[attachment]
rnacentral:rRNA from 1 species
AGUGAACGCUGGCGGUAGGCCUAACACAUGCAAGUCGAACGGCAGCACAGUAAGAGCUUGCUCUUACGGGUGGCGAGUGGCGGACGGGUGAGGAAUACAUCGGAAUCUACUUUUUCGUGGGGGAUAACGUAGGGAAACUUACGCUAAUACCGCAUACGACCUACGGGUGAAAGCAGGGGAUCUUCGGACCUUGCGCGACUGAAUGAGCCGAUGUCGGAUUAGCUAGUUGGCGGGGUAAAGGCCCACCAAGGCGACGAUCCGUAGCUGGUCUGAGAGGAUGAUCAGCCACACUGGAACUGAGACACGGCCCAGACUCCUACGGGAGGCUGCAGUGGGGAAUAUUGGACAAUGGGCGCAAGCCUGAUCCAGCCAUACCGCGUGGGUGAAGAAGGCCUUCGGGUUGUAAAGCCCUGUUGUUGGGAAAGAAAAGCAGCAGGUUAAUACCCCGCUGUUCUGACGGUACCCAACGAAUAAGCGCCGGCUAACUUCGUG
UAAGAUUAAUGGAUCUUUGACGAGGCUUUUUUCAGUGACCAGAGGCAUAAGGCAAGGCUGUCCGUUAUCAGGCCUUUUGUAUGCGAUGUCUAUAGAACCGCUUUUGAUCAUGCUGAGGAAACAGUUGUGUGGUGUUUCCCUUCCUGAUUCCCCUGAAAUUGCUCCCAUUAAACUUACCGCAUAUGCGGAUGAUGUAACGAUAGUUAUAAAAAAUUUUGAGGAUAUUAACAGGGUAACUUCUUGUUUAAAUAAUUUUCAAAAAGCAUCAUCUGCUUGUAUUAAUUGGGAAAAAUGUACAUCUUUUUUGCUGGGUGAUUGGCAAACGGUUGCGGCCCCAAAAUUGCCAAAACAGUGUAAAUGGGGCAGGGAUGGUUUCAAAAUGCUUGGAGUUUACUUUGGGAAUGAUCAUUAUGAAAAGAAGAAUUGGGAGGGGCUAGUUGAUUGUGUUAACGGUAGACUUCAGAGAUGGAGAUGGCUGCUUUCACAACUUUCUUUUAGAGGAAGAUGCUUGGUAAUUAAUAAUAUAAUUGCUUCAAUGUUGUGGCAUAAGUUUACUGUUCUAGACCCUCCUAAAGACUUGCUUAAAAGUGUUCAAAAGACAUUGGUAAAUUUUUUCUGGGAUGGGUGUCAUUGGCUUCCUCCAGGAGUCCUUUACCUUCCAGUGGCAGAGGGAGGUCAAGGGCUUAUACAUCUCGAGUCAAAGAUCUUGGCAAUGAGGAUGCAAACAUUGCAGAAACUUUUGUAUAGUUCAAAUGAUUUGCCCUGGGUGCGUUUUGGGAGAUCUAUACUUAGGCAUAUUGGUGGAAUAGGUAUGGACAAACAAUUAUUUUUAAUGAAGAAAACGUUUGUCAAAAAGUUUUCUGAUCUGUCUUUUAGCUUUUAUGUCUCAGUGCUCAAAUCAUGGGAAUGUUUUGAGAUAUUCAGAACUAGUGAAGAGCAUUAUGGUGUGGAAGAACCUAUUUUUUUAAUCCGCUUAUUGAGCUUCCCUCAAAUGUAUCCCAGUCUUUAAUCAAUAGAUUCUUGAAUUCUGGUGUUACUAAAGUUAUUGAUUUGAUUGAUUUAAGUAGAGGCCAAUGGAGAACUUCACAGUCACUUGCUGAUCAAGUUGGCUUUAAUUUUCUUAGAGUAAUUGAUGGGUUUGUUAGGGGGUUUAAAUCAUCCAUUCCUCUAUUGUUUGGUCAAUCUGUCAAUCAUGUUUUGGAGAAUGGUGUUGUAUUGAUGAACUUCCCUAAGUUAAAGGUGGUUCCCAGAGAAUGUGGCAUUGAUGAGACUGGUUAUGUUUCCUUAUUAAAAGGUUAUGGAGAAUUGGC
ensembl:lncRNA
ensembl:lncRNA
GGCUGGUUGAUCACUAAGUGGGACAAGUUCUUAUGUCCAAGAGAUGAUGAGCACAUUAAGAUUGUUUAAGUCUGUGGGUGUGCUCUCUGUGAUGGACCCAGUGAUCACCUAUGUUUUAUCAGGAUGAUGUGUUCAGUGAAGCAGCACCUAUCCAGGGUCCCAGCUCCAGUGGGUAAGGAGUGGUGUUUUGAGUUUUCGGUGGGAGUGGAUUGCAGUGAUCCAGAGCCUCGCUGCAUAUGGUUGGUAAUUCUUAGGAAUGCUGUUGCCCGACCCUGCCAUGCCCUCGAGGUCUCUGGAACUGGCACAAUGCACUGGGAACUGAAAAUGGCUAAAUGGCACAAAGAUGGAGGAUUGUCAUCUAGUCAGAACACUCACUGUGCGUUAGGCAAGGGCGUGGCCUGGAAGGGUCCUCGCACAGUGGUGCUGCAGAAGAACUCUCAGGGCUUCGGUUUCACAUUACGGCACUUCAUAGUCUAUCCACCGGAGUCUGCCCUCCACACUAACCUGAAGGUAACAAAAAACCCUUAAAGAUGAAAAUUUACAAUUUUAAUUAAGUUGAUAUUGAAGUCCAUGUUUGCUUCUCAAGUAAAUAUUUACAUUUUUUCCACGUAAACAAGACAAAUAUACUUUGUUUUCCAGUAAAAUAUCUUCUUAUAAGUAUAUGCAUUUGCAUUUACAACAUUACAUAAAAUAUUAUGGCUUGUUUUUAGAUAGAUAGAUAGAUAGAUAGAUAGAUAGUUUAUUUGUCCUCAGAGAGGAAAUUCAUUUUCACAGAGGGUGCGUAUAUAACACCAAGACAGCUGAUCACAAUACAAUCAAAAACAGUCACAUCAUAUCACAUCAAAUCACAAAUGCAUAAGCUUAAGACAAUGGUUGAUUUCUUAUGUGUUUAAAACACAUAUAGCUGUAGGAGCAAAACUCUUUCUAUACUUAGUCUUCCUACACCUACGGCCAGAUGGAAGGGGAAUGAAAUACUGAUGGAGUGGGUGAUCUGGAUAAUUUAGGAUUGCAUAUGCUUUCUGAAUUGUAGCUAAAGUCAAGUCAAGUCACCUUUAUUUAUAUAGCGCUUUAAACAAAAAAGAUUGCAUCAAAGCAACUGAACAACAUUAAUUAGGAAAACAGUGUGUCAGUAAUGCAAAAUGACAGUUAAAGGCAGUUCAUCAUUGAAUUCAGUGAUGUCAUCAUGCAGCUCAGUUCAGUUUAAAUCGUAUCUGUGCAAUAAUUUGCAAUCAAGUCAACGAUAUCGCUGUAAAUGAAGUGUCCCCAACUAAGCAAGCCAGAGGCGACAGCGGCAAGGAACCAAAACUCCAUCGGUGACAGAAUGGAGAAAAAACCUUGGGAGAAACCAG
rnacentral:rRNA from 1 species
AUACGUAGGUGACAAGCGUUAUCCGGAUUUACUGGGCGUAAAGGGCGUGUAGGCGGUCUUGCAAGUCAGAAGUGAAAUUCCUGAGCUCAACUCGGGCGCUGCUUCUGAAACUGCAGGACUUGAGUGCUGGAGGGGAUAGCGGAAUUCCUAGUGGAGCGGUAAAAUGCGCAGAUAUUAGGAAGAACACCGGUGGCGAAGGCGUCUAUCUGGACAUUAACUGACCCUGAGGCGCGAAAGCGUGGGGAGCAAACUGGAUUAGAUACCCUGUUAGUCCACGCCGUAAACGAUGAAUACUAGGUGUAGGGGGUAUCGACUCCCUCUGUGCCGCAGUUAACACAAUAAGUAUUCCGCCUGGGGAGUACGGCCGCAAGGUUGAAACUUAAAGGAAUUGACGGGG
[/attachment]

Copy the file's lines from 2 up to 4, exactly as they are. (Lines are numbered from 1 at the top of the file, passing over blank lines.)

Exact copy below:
AGUGAACGCUGGCGGUAGGCCUAACACAUGCAAGUCGAACGGCAGCACAGUAAGAGCUUGCUCUUACGGGUGGCGAGUGGCGGACGGGUGAGGAAUACAUCGGAAUCUACUUUUUCGUGGGGGAUAACGUAGGGAAACUUACGCUAAUACCGCAUACGACCUACGGGUGAAAGCAGGGGAUCUUCGGACCUUGCGCGACUGAAUGAGCCGAUGUCGGAUUAGCUAGUUGGCGGGGUAAAGGCCCACCAAGGCGACGAUCCGUAGCUGGUCUGAGAGGAUGAUCAGCCACACUGGAACUGAGACACGGCCCAGACUCCUACGGGAGGCUGCAGUGGGGAAUAUUGGACAAUGGGCGCAAGCCUGAUCCAGCCAUACCGCGUGGGUGAAGAAGGCCUUCGGGUUGUAAAGCCCUGUUGUUGGGAAAGAAAAGCAGCAGGUUAAUACCCCGCUGUUCUGACGGUACCCAACGAAUAAGCGCCGGCUAACUUCGUG
UAAGAUUAAUGGAUCUUUGACGAGGCUUUUUUCAGUGACCAGAGGCAUAAGGCAAGGCUGUCCGUUAUCAGGCCUUUUGUAUGCGAUGUCUAUAGAACCGCUUUUGAUCAUGCUGAGGAAACAGUUGUGUGGUGUUUCCCUUCCUGAUUCCCCUGAAAUUGCUCCCAUUAAACUUACCGCAUAUGCGGAUGAUGUAACGAUAGUUAUAAAAAAUUUUGAGGAUAUUAACAGGGUAACUUCUUGUUUAAAUAAUUUUCAAAAAGCAUCAUCUGCUUGUAUUAAUUGGGAAAAAUGUACAUCUUUUUUGCUGGGUGAUUGGCAAACGGUUGCGGCCCCAAAAUUGCCAAAACAGUGUAAAUGGGGCAGGGAUGGUUUCAAAAUGCUUGGAGUUUACUUUGGGAAUGAUCAUUAUGAAAAGAAGAAUUGGGAGGGGCUAGUUGAUUGUGUUAACGGUAGACUUCAGAGAUGGAGAUGGCUGCUUUCACAACUUUCUUUUAGAGGAAGAUGCUUGGUAAUUAAUAAUAUAAUUGCUUCAAUGUUGUGGCAUAAGUUUACUGUUCUAGACCCUCCUAAAGACUUGCUUAAAAGUGUUCAAAAGACAUUGGUAAAUUUUUUCUGGGAUGGGUGUCAUUGGCUUCCUCCAGGAGUCCUUUACCUUCCAGUGGCAGAGGGAGGUCAAGGGCUUAUACAUCUCGAGUCAAAGAUCUUGGCAAUGAGGAUGCAAACAUUGCAGAAACUUUUGUAUAGUUCAAAUGAUUUGCCCUGGGUGCGUUUUGGGAGAUCUAUACUUAGGCAUAUUGGUGGAAUAGGUAUGGACAAACAAUUAUUUUUAAUGAAGAAAACGUUUGUCAAAAAGUUUUCUGAUCUGUCUUUUAGCUUUUAUGUCUCAGUGCUCAAAUCAUGGGAAUGUUUUGAGAUAUUCAGAACUAGUGAAGAGCAUUAUGGUGUGGAAGAACCUAUUUUUUUAAUCCGCUUAUUGAGCUUCCCUCAAAUGUAUCCCAGUCUUUAAUCAAUAGAUUCUUGAAUUCUGGUGUUACUAAAGUUAUUGAUUUGAUUGAUUUAAGUAGAGGCCAAUGGAGAACUUCACAGUCACUUGCUGAUCAAGUUGGCUUUAAUUUUCUUAGAGUAAUUGAUGGGUUUGUUAGGGGGUUUAAAUCAUCCAUUCCUCUAUUGUUUGGUCAAUCUGUCAAUCAUGUUUUGGAGAAUGGUGUUGUAUUGAUGAACUUCCCUAAGUUAAAGGUGGUUCCCAGAGAAUGUGGCAUUGAUGAGACUGGUUAUGUUUCCUUAUUAAAAGGUUAUGGAGAAUUGGC
ensembl:lncRNA